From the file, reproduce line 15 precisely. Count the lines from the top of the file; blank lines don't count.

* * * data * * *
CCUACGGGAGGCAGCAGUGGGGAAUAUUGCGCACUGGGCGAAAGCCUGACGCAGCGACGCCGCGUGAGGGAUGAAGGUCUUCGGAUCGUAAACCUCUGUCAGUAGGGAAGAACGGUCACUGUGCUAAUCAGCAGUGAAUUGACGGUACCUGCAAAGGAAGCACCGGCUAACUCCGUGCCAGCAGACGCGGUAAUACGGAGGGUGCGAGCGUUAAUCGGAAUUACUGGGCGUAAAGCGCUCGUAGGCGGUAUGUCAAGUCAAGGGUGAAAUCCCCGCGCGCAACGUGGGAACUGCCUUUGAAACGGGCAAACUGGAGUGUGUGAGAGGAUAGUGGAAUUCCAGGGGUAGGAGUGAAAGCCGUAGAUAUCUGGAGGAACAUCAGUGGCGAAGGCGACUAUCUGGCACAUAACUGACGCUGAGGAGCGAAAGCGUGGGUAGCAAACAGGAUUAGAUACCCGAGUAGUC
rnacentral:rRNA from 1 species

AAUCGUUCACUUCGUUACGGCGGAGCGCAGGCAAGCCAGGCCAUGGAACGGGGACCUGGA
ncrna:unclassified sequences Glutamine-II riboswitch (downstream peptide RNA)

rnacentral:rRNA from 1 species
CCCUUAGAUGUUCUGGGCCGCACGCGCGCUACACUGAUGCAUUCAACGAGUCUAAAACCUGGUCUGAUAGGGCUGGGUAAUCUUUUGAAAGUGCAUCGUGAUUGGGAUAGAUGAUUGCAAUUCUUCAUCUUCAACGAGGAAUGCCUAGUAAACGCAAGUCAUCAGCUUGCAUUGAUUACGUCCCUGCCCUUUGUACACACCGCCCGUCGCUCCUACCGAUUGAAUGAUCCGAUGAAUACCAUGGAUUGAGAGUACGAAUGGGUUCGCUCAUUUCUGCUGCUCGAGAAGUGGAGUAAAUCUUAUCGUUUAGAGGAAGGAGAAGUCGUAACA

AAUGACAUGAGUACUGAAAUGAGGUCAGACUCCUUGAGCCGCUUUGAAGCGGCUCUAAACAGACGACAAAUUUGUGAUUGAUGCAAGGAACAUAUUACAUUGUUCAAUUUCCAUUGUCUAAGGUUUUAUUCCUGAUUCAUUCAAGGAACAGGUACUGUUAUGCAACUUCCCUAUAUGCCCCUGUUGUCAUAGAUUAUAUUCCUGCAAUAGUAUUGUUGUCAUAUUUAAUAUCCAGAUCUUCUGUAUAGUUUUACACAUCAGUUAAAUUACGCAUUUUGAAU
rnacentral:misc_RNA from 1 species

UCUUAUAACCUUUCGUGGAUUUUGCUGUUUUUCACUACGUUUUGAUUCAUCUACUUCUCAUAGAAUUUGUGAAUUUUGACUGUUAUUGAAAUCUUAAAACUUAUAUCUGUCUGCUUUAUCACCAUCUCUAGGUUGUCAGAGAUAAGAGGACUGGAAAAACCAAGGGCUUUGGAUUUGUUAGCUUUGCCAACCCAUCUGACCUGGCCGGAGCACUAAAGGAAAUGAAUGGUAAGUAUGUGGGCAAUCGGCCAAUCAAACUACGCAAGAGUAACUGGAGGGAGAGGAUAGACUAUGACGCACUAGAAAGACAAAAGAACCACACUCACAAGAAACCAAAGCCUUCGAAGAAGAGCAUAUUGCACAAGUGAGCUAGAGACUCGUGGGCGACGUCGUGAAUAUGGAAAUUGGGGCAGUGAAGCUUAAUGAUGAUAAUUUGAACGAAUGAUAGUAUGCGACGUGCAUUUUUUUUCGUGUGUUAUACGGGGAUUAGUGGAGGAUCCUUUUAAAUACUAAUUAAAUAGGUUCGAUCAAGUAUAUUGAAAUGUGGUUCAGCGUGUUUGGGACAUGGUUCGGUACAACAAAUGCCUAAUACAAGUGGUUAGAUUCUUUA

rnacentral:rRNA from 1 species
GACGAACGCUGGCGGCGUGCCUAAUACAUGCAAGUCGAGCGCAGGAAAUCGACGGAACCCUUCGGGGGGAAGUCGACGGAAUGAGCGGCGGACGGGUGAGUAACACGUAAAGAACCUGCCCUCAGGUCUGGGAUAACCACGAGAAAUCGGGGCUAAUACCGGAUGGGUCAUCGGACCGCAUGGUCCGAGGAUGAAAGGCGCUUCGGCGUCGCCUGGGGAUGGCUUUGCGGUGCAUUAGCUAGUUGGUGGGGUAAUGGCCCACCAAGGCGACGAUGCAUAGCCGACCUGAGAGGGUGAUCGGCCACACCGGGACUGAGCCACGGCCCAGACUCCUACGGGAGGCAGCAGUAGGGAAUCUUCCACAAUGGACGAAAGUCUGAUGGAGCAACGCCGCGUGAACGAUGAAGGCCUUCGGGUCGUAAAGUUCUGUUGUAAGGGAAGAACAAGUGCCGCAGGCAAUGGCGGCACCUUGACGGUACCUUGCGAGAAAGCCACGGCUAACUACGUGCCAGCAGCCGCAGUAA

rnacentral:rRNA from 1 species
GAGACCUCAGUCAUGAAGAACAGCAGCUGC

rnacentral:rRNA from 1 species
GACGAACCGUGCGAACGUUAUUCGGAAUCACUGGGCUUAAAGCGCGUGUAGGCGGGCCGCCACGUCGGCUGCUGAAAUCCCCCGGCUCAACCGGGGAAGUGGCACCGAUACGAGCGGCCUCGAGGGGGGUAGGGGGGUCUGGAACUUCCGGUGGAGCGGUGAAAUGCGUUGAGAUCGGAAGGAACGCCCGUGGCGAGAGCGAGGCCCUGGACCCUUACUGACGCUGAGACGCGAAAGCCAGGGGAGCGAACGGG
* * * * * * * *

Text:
GACGAACCGUGCGAACGUUAUUCGGAAUCACUGGGCUUAAAGCGCGUGUAGGCGGGCCGCCACGUCGGCUGCUGAAAUCCCCCGGCUCAACCGGGGAAGUGGCACCGAUACGAGCGGCCUCGAGGGGGGUAGGGGGGUCUGGAACUUCCGGUGGAGCGGUGAAAUGCGUUGAGAUCGGAAGGAACGCCCGUGGCGAGAGCGAGGCCCUGGACCCUUACUGACGCUGAGACGCGAAAGCCAGGGGAGCGAACGGG